When a storm hits, the only person that is nervous is Gulliver. Just because nobody else is afraid, doesn’t mean the storm is any less scary for Gulliver. Remembering they are safe might help Gulliver focus on game night.
- Parents play a very important role in helping kids manage anxiety
- Parents can help children by creating a safe environment for them to learn coping techniques
- Anxiety is normal. Just because your child’s worry or fear doesn’t make sense to you, it doesn’t mean the fear they are experiencing isn’t real.
- Comfort, encourage and support
- Don’t criticize or put your child down for having anxiety. They can’t help how they feel.
- Talk to them about their fears. Talking helps them work through what is making them anxious.
- Children struggling with anxiety require a lot of patience. Manage your emotions so you can be there for them. It will be worth it in the long run.
Understanding Sticky Thoughts
Everyone has worries. But sometimes a worry gets stuck, and the more you think about it, the bigger it gets!
Watch the video below first, then watch the Anxiety video as a family!
- Respect the fear is real.
- Tell your child to stop worrying is not going to work- reassuring them that they have nothing to worry about, coaxing and accommodating often doesn’t work either.
- Worries have a way of growing if coping techniques aren’t put in place. Don’t avoid worries when they are little and manageable.
- Remind them they are not alone- you get it!
- Reduce the stress in your home.
- Routines are an important way of supporting a child who is trying to deal with worries. Knowing they can rely on a predictable routine allows them to focus on getting on top of their worries
- Don’t avoid situations that cause anxiety- anxiety has a way of growing when we give in to it. Patience is the key. Keep trying scary situations. Don’t give up.
- Set some time aside during the day to talk about a worry that is causing your child distress. Work out a plan to deal with worry next time it arises. Encourage the child to try and not think about the worry until it is time to talk about it- the more attention worry gets, the bigger it becomes!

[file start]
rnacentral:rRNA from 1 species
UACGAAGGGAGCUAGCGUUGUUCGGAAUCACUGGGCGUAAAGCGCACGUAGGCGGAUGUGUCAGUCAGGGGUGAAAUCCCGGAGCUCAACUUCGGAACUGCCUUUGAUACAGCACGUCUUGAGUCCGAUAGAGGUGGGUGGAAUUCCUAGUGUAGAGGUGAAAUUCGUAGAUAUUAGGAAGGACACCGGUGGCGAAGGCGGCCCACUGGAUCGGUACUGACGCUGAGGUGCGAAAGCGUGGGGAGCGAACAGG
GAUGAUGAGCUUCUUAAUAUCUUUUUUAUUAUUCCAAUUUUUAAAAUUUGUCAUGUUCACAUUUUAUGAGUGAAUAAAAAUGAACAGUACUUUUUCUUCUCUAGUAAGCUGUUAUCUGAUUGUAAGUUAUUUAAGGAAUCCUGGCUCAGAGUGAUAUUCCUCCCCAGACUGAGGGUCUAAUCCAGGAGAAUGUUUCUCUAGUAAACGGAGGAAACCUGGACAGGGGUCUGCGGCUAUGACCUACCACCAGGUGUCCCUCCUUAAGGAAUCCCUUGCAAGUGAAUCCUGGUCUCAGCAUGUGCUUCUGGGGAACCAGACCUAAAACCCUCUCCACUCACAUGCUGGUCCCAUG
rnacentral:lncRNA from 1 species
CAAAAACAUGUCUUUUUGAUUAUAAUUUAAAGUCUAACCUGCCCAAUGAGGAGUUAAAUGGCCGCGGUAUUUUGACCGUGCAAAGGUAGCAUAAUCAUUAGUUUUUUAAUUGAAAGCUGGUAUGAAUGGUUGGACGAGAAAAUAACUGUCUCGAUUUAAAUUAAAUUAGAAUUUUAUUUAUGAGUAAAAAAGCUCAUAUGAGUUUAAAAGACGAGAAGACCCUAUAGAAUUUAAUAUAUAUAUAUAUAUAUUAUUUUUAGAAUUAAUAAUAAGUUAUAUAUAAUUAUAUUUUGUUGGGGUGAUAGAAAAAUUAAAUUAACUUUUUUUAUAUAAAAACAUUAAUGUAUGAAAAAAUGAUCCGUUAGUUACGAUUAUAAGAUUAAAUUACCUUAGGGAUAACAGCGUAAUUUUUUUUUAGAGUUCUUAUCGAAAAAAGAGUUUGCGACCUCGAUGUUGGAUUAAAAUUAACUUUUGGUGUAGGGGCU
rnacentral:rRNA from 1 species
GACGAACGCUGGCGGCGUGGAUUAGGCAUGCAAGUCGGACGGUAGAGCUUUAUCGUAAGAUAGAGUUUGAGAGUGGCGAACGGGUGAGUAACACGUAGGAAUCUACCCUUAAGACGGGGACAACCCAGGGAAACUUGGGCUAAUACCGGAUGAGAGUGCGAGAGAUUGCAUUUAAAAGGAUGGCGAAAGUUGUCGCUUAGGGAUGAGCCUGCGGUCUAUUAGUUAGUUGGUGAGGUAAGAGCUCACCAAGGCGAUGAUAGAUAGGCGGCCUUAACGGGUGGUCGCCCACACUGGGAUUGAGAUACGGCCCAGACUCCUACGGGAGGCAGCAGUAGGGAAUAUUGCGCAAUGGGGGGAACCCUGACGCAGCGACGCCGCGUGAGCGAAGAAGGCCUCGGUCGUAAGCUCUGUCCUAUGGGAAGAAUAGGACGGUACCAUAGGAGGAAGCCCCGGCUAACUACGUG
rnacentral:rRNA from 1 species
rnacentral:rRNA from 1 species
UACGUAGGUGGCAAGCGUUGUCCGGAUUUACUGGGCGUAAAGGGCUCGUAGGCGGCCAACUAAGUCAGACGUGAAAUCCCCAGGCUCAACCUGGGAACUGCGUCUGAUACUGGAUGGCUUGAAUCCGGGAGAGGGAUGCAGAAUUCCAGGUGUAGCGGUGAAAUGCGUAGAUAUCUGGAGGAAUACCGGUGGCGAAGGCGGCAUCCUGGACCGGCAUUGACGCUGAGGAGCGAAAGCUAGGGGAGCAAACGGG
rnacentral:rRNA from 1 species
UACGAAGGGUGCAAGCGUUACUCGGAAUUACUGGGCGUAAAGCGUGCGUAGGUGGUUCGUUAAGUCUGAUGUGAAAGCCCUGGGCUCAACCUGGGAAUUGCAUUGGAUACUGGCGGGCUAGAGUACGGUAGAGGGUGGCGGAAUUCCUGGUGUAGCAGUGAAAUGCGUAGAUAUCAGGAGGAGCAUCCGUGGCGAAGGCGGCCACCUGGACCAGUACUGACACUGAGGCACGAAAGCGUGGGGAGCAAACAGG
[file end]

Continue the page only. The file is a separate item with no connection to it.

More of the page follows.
- Celebrate when your child overcomes their worry. This can be a major milestone. Overcoming anxiety will give your child confidence to try to overcome other worries that come along.
Boosting a positive inner dialogue is a great step in decreasing anxiety. Our children have lived with less independence than we had. This has given them less chance to create a strong inner voice. In modelling your own thoughts, you help your child see how to shape their own.
- Modelling out loud is one of the easiest ways to create an inner dialogue for your child by saying, “Let’s get out for a fast walk, I am feeling a bit worried about things – that always makes my heart and head work better together”. Or for older children, “Let’s get our for a walk. Exercise makes the connections in our body work better together and lessens our feelings of worry and stress”. When confronted with an anxiety provoking situation such as worry for the health of family or friend, “I am worried about Grandma. Let’s make her a card and order her in some groceries. That will make her feel better. It will make me feel better too. Doing something about a worry always makes it shrink a bit.”